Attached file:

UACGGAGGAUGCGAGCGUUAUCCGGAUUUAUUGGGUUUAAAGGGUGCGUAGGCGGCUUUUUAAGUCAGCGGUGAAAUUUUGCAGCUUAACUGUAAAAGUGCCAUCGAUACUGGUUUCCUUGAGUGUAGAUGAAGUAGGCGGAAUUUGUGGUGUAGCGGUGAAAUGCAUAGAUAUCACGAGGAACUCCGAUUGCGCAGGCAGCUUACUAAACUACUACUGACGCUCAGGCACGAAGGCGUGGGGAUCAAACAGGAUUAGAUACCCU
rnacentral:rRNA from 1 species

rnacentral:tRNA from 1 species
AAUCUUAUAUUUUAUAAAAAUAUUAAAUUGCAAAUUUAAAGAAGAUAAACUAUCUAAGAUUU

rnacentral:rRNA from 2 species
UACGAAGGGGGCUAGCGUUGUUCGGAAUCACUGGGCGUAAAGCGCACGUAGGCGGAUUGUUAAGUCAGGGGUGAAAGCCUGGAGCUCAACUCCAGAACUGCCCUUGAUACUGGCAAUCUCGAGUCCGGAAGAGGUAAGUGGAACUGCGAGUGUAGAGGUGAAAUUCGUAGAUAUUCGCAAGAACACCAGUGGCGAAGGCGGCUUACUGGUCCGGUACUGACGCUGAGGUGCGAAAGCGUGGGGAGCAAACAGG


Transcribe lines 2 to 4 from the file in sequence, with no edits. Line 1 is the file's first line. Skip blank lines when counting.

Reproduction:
rnacentral:rRNA from 1 species

rnacentral:tRNA from 1 species
AAUCUUAUAUUUUAUAAAAAUAUUAAAUUGCAAAUUUAAAGAAGAUAAACUAUCUAAGAUUU